3. Zack Wheeler, Philadelphia Phillies, -8.5%
The Phillies have had a healthy rotation this year, with their front five making all but four of the starts this season. But it doesn’t take a lot to test this team’s rotation depth, and ZiPS is extremely unenthused by the prospect of Bailey Falter or Cristopher Sanchez stepping in for the rest of the season. Noah Skirrow possibly having a breakout season does raise ZiPS ‘eyebrows a bit, but given his lack of real prospect status coming into the season, I doubt the Phillies would aggressively push him to the majors unless there was a superspreader event in the clubhouse.
4. Fernando Tatis Jr., San Diego Padres, -8.4%
The Padres have more than survived so far without the services of Tatis Jr., but that doesn’t mean that’s an experiment they want to keep trying, and San Diego’s high playoff probability contains the assumption that he is most likely to return sometime around the All-Star break. Having Ha-Seong Kim as a spare option, at least when Manny Machado is healthy, is a good thing, but Tatis Jr. would have been the best-projected player in baseball entering 2022 if not for ZiPS being suspicious about his health.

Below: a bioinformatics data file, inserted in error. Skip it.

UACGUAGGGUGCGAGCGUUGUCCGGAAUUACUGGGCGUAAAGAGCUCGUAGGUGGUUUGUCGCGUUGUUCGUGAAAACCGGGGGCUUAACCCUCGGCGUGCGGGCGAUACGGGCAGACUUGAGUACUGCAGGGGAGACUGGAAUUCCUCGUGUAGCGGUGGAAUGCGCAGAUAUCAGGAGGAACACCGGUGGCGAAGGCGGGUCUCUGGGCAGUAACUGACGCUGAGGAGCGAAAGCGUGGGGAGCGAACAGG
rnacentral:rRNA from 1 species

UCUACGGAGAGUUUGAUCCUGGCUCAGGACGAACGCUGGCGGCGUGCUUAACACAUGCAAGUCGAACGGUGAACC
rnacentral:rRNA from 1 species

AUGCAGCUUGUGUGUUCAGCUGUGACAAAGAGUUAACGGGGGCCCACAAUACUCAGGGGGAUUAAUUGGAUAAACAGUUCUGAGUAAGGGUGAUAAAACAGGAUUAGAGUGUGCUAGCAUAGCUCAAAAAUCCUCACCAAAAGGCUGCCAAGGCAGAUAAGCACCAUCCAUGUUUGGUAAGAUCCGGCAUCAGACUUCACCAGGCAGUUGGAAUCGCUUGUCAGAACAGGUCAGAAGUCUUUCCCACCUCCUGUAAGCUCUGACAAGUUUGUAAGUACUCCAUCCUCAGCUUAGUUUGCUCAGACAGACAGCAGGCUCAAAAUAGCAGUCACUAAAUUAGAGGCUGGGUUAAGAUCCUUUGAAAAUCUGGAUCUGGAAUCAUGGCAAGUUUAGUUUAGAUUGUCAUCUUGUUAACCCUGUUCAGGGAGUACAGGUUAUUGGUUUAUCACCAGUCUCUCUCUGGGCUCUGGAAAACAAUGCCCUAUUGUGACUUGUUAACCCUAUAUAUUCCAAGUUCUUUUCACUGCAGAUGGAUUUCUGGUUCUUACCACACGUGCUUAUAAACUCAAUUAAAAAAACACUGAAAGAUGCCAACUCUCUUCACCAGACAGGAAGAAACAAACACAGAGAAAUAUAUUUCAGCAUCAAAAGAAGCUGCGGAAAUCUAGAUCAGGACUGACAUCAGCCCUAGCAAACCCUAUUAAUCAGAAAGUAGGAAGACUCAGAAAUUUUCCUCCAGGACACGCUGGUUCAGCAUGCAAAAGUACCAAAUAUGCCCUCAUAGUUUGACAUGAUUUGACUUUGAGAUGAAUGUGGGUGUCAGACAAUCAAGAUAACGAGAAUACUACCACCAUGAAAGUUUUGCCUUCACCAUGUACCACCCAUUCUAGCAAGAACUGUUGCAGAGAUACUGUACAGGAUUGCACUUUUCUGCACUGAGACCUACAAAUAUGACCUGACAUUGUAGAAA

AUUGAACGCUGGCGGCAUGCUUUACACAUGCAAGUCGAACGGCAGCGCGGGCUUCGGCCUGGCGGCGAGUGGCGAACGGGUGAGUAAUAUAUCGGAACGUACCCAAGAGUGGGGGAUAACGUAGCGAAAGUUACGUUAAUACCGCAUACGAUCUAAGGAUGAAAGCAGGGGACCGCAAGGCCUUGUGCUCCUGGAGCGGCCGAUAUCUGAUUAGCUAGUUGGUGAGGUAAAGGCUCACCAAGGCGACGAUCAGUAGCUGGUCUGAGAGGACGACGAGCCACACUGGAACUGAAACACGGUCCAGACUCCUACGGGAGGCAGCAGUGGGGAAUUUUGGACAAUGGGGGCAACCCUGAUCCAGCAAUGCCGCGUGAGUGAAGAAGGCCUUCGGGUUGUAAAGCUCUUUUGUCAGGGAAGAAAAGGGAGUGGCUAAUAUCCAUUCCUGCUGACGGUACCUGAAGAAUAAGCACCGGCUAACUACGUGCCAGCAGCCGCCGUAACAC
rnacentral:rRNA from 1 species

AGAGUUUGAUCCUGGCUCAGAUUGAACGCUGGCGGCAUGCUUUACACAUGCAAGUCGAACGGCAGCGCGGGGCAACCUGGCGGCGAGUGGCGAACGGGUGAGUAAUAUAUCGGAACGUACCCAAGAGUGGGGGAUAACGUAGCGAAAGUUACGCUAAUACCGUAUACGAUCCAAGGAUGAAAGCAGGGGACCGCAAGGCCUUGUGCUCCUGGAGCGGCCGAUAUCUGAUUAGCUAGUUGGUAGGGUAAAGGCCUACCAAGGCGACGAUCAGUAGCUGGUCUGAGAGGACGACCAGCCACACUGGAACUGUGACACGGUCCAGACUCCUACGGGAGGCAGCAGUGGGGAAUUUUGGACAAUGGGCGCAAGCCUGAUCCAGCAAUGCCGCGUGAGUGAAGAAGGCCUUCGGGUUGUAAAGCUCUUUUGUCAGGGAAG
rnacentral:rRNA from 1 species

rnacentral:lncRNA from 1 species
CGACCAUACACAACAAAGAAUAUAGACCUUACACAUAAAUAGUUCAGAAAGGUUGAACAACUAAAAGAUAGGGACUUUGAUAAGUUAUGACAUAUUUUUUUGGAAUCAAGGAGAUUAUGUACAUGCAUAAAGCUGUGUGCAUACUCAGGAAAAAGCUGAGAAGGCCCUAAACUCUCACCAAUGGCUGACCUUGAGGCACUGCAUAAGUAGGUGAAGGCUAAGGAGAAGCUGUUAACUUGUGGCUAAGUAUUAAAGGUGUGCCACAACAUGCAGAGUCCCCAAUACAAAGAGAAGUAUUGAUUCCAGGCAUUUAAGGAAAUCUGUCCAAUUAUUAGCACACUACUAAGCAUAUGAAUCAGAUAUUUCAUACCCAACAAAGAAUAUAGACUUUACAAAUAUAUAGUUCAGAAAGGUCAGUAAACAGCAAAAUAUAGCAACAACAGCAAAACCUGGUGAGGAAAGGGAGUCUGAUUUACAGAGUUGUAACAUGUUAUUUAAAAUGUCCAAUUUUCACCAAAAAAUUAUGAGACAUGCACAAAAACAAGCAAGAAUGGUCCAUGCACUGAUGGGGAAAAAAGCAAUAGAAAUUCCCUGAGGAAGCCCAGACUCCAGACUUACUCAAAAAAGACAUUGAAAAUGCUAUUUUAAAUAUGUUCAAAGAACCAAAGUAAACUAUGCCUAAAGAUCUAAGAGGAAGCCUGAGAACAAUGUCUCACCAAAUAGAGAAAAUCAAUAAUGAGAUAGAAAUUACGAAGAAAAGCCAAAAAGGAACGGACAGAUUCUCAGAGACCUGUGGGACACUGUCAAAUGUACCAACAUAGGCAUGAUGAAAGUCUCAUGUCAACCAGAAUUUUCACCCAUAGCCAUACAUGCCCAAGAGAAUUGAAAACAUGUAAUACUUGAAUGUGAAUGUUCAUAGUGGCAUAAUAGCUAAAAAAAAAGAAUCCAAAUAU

5. Bryce Harper, Philadelphia Phillies, -8.4%
Remember, the Phillies basically needed to sign Nick Castellanos and Kyle Schwarber because their outfield options were bleak, and this issue didn’t magically fix itself since April. Any outfield injury likely leads to a lot more Matt Vierling, who is a lot closer to his 2022 line than last season’s small sample .324 / .364 / .479 line. ZiPS doesn’t see Mickey Moniak as even a decent emergency plan, leaving Philadelphia’s best option being a trade for someone like Tommy Pham, something complicated by the fact that the organization has had a lot of failures lately in player development.
6. Logan Webb, San Francisco Giants, -7.9%